Sliding vane pump design includes a number of vanes that are able to slide into or out of slots in the pump rotor. When the pump driver turns the rotor, a combination of forces (centrifugal, mechanical push rods, and liquid), causes the vanes to move outward in their slots and move around the inner bore of the pump casing. This forms internal pumping chambers and as the rotor revolves, the fluid flows through the suction port and into the pumping chambers that are created by the vanes. The fluid is then transported around the pump casing until the discharge port is reached, at which point the fluid is pushed out into the discharge piping.
This simple, yet ingenious, design enables the sliding vane pump to deliver the operational characteristics that are necessary for effective high-volume transfer of crude oil that features significant amounts of entrained gases. Those characteristics include vanes that self-adjust for wear in order to maintain volumetric consistency and non-slip operation; self-priming and dry-run capabilities; high suction capability; an adjustable relief valve that protects against changing and excessive pressures; reduced energy consumption; compatibility with high-temperature liquids; and easy vane replacement and maintenance that does not require the pump to be removed from the piping system.
Most sliding vane pump models are available in sizes that handle flow rates of two to 2,300 gallons-per-minute (gpm). Many oilfield operators mount their sliding vane pumps on mobile skids that feature the pump, motor, and gear case with the suction and discharge piping terminated at the skid’s edge.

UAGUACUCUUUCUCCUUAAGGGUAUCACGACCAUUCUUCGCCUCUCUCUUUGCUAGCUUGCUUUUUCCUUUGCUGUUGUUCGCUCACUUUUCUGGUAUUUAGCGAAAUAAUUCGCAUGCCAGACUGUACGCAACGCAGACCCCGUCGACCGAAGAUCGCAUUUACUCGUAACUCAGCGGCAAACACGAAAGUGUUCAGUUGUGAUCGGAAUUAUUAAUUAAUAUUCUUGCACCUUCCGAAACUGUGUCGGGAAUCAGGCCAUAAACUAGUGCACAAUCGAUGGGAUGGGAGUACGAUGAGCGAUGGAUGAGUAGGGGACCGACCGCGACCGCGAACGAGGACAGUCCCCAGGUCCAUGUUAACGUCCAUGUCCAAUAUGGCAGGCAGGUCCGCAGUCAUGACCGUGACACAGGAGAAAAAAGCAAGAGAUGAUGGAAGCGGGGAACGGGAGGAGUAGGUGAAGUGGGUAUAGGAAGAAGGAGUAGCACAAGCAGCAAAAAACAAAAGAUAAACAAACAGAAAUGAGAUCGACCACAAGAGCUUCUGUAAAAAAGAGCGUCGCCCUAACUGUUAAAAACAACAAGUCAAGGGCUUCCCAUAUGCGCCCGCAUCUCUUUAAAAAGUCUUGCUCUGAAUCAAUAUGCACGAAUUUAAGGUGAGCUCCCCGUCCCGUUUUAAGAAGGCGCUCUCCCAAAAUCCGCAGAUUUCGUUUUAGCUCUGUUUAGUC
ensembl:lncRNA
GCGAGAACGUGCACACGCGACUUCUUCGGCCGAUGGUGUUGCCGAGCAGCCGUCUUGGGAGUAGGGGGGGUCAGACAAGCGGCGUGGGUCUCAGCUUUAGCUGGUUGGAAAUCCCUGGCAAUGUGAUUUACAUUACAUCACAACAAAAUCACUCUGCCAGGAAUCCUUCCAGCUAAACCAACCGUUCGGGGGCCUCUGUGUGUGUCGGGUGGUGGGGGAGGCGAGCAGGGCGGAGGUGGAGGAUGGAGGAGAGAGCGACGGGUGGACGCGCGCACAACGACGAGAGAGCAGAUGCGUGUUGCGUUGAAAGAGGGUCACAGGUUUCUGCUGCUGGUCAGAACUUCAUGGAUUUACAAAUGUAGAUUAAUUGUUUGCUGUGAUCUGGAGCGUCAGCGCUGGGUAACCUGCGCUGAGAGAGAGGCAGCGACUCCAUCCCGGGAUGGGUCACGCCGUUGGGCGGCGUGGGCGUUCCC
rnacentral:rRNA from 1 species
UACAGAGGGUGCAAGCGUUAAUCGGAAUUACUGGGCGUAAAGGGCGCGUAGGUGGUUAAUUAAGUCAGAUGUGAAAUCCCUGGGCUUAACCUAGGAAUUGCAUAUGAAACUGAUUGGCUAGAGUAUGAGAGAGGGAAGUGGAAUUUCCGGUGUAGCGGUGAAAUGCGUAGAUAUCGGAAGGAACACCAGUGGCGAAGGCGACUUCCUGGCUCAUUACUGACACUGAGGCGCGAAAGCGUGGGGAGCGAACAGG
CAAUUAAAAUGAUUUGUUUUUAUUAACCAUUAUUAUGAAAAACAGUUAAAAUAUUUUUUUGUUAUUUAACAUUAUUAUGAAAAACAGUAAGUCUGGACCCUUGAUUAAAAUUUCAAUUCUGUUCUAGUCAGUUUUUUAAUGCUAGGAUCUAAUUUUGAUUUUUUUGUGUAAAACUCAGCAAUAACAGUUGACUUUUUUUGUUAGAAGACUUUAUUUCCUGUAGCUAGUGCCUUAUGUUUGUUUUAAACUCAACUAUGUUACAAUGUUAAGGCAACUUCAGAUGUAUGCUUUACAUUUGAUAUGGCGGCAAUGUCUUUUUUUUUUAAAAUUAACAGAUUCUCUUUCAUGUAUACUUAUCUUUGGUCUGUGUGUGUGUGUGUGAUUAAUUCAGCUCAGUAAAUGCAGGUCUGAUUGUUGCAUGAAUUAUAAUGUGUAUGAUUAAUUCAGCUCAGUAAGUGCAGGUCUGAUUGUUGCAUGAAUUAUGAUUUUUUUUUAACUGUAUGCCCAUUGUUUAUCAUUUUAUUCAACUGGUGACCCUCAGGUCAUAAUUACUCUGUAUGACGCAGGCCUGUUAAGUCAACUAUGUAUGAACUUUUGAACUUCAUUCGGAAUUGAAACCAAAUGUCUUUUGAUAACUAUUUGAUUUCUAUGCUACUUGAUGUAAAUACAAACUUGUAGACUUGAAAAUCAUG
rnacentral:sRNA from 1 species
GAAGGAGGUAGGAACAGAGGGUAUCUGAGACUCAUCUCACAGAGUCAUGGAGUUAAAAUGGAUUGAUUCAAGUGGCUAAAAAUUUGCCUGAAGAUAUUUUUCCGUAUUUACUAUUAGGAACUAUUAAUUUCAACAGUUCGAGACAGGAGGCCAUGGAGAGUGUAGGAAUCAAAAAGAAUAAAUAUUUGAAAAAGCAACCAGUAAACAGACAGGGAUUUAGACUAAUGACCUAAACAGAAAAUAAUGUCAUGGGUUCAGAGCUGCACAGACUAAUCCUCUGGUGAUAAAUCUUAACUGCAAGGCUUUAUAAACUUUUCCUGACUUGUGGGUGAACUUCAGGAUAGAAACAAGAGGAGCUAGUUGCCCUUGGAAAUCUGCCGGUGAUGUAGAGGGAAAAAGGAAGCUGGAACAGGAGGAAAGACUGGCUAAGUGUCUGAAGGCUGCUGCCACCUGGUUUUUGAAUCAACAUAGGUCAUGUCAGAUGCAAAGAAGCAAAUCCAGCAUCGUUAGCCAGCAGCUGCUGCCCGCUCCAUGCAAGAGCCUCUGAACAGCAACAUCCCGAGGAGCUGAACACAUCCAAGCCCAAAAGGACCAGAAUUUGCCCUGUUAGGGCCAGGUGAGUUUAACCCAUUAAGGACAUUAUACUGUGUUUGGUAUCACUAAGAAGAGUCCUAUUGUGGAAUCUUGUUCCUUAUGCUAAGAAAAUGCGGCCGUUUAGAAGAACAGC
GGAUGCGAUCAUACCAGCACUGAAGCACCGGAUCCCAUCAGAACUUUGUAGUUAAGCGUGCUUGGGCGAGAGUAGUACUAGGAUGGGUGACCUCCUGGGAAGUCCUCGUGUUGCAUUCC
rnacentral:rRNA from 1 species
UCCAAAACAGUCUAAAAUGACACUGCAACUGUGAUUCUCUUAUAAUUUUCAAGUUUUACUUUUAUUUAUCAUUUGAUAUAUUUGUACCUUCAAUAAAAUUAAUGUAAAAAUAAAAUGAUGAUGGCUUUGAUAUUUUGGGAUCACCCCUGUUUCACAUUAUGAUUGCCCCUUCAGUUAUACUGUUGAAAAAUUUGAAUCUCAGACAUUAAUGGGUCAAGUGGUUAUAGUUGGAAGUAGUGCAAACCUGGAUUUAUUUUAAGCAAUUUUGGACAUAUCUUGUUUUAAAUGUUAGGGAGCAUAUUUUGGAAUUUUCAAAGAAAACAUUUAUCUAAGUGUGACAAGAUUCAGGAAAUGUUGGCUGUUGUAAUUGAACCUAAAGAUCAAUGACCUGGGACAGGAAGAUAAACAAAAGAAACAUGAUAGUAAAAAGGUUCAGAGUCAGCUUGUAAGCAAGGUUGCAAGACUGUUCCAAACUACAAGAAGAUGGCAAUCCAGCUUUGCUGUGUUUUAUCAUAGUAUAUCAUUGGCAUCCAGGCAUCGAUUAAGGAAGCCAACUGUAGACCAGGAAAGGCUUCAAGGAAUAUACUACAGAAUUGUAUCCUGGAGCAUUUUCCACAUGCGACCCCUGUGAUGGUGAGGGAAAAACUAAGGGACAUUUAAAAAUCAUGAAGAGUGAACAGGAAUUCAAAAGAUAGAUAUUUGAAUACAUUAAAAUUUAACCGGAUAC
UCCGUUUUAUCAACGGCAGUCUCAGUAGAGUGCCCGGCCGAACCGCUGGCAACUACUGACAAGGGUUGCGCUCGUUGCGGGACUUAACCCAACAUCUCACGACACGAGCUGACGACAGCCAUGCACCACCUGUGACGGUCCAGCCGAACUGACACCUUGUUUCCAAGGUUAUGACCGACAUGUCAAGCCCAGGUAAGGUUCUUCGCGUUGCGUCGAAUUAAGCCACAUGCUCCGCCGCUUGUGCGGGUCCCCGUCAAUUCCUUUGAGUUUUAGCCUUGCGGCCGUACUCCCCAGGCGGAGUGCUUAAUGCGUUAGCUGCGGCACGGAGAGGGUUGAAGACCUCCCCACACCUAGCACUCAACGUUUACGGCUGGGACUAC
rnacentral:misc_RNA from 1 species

Besides differing operational characteristics, oilfields may be located in areas where harsh weather is a constant threat. Fortunately, sliding vane pumps are able to operate in temperatures that can reach, for instance, -30ºF (-34ºC) in some Bakken or Canadian oilfields or those that can climb into the triple digits in the West Texas prairie.
The varying and unpredictable makeup of crude oil keeps oilfield operators constantly on their toes. When produced crude contains significant levels of entrained gases, the demands put on the transfer system are ratcheted up even higher.
Fortunately, sliding vane pumps possess a design and method of operation that are capable of overcoming the challenges associated with the pumping of liquids with entrained gases.
Doug Cumpston is director, sales & business development North America energy for Blackmer and PSG.